Surveys are the primary way to engage with your customer advisors. You can make them very specific around questions or problems you have, they can be very short and quick for your audience, and you can make them fun. Kazanjy and his co-founder sent a number of surveys to segments of their CAB to reduce their list of proposed features to a manageable roadmap. They then mocked up that product in Google Slides, which they sent along to CAB members with an accompanying survey, before moving on to more detailed paper prototypes and walkthroughs.

To give you a sense of how much you can rely on surveying, Kazanjy's company has used SurveyMonkey to elicit opinions about not just features, but overall product design, and even the name of the product. The key is that they don't have to be elaborate or formal. This will only hold you up and slow down feedback. You can be casual and conversational in your surveys. You're just trying to take your audience's temperature on ideas.

The naming survey was sent to the entire group. They then cross-referenced the suggestions they got against the persona of the respondent — e.g., Sales Managers vs. Account Executives vs. Sales Operations. “It was fascinating to see how different customer personas reacted to different names,” he says. “It gave us even more data points about how they perceived and what they wanted from the product.” Here's an example:

“Just don't make your surveys too long. Think carefully, 'What do we actually need to know?'” he says. The example above included 7 pages of one question each on how CAB members used their phones.

Don't shy away from sending one-question surveys. They're even easier for people to fill out, will keep you engaged at a regular cadence with the group, and can tell you a lot. “In our case, when we were thinking through our mobile app, we sent out an email that asked only, 'Can you tell us what OS you use on your phone?' Our strategy was based on a guess that there wasn't substantial iPhone dominance in our target market and we might have to do an iPhone and android app to start — but it turned out there was a huge weight towards iPhones, so we focused our dev resources there,” Kazanjy says.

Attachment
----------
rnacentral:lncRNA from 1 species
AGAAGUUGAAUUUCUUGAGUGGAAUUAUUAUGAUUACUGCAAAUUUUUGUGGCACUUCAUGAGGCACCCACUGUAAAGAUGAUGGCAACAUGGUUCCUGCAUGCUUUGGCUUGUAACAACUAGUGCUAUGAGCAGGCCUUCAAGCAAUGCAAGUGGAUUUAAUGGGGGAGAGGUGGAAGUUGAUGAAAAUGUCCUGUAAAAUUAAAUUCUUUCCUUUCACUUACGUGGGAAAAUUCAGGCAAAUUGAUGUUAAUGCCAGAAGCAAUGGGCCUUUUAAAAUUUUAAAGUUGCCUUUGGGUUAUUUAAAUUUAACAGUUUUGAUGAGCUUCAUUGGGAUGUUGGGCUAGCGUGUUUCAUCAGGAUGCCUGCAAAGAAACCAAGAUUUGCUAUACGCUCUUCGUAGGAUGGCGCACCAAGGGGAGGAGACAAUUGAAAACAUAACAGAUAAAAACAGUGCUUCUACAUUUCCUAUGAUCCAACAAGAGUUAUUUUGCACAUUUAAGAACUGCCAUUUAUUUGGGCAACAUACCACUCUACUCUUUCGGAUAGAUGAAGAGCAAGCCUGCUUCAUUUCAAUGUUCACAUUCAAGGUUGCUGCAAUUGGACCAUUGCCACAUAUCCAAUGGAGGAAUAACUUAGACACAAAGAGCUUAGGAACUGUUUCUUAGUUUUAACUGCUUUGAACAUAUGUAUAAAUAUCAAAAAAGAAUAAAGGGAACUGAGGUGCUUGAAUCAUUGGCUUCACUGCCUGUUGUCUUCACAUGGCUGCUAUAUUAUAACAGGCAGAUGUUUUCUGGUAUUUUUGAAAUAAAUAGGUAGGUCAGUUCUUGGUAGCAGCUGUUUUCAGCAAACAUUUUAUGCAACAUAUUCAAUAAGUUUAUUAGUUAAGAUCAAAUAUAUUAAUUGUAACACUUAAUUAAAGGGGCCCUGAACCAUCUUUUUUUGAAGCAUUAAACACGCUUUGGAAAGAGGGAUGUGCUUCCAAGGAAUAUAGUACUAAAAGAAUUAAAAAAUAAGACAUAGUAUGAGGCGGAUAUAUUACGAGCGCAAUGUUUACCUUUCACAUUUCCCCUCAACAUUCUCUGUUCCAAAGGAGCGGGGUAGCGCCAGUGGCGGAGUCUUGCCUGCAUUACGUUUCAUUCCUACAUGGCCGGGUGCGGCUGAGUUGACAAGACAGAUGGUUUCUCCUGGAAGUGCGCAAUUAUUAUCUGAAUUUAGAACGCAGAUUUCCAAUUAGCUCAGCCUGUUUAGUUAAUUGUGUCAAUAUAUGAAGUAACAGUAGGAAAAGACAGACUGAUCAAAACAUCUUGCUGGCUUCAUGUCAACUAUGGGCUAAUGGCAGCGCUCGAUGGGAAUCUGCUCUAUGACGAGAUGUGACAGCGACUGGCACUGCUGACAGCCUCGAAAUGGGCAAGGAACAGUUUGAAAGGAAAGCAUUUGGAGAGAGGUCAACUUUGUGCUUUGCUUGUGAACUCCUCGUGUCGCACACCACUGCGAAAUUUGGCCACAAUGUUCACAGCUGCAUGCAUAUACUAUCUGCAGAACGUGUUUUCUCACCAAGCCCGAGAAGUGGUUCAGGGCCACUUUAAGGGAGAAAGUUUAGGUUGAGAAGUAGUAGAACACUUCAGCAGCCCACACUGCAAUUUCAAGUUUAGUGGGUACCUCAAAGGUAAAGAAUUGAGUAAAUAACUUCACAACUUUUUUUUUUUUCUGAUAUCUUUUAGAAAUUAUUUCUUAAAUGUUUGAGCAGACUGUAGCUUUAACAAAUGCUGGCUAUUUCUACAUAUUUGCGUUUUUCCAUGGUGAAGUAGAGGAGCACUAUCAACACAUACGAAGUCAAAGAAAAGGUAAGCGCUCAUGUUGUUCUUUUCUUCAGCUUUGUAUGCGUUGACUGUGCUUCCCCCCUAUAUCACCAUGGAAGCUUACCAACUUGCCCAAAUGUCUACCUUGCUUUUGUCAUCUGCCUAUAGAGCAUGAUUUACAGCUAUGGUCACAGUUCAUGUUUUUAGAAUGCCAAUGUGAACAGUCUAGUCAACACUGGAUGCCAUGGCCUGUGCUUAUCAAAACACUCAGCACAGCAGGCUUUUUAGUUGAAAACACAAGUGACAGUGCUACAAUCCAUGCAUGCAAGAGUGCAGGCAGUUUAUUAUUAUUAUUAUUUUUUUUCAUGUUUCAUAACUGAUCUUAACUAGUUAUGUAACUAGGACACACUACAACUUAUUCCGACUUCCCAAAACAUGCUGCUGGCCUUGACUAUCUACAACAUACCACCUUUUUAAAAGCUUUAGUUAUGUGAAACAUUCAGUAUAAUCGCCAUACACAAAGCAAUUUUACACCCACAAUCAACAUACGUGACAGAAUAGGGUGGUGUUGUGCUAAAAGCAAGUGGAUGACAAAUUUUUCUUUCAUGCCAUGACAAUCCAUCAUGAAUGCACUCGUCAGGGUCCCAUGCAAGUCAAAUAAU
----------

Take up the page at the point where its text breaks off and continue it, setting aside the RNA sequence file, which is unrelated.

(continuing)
From there, they were able to survey just iOS users about their experience (example above). This was a longer, more involved survey incentivized with rewards, but also with the idea that the product was becoming even more relevant to their CAB users' needs.

When you have quick questions, you might choose to survey smaller subsets of your CAB who might have a stronger or more vested interest in what you're asking. “We wanted to ask, 'What are the average contract values you guys sell?' and get a quick response, so we chose 10 of the people who have come to all our dinners and who we felt closest to. It was easy to dash off and hear back immediately.”

When you run more serious or formal surveys, there should be clear incentives. “If you’re asking someone to knock out a 30-minute survey that prioritizes 15 different features in slides, there probably should be a $50 gift card attached. Otherwise, you’re unlikely to get good completion rate,” says Kazanjy. “We typically value CAB time at $100 an hour and compensate it in Amazon or OpenTable gift cards, which makes people feel valued on top of the exclusivity of membership in our CAB.”

In-Person Experiences that Double as Incentives

Dinners and meetups are great for creating continuity for your CAB. At each event, your advisors get to see the progress being made and how their feedback is getting used.